Transcript – Informant speaking
Father: “Back to Finn MacCool, you remember visiting the Giant’s Causeway? So, so apparently, Finn McCool had a big argument with another giant in Scotland, called Benandonner, and they start hurling rocks at each other and that’s how the Giants Causeway was supposed to be formed and also the Isle of Man, which is an island in the middle of the Irish Sea between Scotland and Northern Ireland.”
Mother: “And wasn’t that where one of the Loughs came from them, was them pulling up the earth created Lough Neagh?-”
Father: “-Created Lough Neagh, yes.”
One of the few Irish myths I was able to collect. This was during a conversation between me and my parents, who are both irish. Hence their collection to the folklore. However, I didn’t feel as though they were too attached to the lore, even though they found it engaging. As for where they heard it, I wouldn’t be surprised if my dad was just remembering the stuff he’d heard on the tour.
My dad has a very thick Irish accent, which should be noted. Also, the opening line on “Back to Finn MacCool” was in response to two other stories they had told about this figure. My mom had taken a break to talk about the Children of Lir, but my dad wanted to go back. What’s interesting is how this story was told in the context of the memory of a trip we took. We once visited the Giant’s Causeway in Northern Ireland, which is what prompted my dad to start telling this story.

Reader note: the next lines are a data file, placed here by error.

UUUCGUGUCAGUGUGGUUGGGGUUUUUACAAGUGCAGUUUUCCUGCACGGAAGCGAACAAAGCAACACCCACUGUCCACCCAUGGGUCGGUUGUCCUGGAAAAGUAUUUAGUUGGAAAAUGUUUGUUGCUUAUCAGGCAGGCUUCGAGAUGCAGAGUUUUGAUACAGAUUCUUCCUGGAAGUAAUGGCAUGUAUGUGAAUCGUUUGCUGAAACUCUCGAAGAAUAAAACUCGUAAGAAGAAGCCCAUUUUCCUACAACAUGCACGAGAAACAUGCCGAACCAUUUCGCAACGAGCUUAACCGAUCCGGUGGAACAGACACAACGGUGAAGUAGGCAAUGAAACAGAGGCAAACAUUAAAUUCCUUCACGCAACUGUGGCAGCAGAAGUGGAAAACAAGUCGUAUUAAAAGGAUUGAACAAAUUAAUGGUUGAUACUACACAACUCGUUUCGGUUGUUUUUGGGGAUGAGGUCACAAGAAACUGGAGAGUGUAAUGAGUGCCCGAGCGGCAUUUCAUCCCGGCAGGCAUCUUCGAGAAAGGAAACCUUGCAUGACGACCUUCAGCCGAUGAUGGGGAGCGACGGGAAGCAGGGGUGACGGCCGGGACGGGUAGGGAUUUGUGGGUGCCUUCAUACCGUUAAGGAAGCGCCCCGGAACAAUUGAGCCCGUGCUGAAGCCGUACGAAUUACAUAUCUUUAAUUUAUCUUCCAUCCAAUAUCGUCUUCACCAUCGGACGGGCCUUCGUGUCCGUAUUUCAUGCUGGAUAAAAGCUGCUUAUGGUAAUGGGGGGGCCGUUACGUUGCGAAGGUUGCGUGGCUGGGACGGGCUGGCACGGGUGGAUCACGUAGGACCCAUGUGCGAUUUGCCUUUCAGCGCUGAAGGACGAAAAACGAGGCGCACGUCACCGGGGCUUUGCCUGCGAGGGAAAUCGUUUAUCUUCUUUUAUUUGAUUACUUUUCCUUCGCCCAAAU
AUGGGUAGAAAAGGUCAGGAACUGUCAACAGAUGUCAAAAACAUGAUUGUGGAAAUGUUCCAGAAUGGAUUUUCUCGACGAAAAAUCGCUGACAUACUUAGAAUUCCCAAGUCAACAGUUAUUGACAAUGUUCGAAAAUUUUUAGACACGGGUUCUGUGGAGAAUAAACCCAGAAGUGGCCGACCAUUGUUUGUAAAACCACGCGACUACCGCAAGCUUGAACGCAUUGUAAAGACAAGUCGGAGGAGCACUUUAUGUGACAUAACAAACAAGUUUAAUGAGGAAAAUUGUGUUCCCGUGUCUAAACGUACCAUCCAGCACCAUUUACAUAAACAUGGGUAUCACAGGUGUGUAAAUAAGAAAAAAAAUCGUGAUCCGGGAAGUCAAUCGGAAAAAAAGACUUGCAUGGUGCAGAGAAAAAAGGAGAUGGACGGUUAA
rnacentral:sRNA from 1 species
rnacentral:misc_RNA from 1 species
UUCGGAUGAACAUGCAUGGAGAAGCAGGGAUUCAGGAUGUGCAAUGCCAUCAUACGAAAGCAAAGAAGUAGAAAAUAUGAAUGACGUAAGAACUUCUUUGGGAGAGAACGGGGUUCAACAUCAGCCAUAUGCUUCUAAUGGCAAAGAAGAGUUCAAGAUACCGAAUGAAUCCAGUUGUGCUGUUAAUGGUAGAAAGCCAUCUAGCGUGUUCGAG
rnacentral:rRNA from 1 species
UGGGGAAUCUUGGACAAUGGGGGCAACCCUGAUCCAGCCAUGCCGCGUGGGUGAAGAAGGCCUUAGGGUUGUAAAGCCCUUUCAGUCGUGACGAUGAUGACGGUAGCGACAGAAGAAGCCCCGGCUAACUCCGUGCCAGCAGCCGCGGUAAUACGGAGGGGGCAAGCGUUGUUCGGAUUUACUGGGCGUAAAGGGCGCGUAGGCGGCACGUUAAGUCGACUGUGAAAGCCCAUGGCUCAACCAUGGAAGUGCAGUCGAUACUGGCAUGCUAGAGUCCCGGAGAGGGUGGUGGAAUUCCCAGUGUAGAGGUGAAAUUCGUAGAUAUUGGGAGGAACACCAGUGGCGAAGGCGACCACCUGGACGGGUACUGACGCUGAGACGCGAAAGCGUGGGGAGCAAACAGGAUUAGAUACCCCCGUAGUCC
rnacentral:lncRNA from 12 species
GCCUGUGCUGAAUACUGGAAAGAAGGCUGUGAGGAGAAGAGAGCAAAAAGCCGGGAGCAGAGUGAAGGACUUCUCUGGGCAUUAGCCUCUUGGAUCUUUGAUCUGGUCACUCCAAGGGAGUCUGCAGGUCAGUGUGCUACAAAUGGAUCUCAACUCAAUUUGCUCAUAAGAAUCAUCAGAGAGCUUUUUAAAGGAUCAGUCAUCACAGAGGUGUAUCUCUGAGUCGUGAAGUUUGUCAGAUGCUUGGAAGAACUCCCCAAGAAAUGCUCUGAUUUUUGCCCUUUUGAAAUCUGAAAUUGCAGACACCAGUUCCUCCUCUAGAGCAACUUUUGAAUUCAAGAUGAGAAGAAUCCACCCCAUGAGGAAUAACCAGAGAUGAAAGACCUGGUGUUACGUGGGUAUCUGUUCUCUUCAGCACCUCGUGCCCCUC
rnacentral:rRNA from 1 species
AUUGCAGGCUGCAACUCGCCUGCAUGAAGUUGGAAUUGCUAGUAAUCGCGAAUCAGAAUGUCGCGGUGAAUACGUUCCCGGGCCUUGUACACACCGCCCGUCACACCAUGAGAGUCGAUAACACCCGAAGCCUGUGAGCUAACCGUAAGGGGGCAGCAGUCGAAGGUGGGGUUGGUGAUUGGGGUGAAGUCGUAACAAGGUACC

What’s interesting is how this story was told in the context of the memory of a trip we took. We once visited the Giant’s Causeway in Northern Ireland, which is what prompted my dad to start telling this story. Myths are usually very formative, and I feel like very few people ever bring them up in normal conversation. Even in conversations about folklore. In this case, it took a former location to prompt the story. This was mainly because the myth itself explained that place’s existence.